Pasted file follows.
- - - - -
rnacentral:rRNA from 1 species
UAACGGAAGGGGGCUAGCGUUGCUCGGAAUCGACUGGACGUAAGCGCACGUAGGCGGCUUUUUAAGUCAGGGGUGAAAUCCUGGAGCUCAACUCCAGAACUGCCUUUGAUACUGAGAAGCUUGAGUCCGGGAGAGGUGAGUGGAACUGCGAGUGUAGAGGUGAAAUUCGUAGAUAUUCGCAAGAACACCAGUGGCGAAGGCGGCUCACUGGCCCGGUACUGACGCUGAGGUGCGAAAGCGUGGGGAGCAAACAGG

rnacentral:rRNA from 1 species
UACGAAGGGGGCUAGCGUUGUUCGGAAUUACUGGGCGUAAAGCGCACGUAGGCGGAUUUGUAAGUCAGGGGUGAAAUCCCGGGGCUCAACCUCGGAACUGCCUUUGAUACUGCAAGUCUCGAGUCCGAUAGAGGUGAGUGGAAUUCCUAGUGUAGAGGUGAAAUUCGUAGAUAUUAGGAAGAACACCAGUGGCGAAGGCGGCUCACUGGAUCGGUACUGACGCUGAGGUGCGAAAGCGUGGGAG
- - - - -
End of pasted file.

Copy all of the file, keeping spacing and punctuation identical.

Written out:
rnacentral:rRNA from 1 species
UAACGGAAGGGGGCUAGCGUUGCUCGGAAUCGACUGGACGUAAGCGCACGUAGGCGGCUUUUUAAGUCAGGGGUGAAAUCCUGGAGCUCAACUCCAGAACUGCCUUUGAUACUGAGAAGCUUGAGUCCGGGAGAGGUGAGUGGAACUGCGAGUGUAGAGGUGAAAUUCGUAGAUAUUCGCAAGAACACCAGUGGCGAAGGCGGCUCACUGGCCCGGUACUGACGCUGAGGUGCGAAAGCGUGGGGAGCAAACAGG

rnacentral:rRNA from 1 species
UACGAAGGGGGCUAGCGUUGUUCGGAAUUACUGGGCGUAAAGCGCACGUAGGCGGAUUUGUAAGUCAGGGGUGAAAUCCCGGGGCUCAACCUCGGAACUGCCUUUGAUACUGCAAGUCUCGAGUCCGAUAGAGGUGAGUGGAAUUCCUAGUGUAGAGGUGAAAUUCGUAGAUAUUAGGAAGAACACCAGUGGCGAAGGCGGCUCACUGGAUCGGUACUGACGCUGAGGUGCGAAAGCGUGGGAG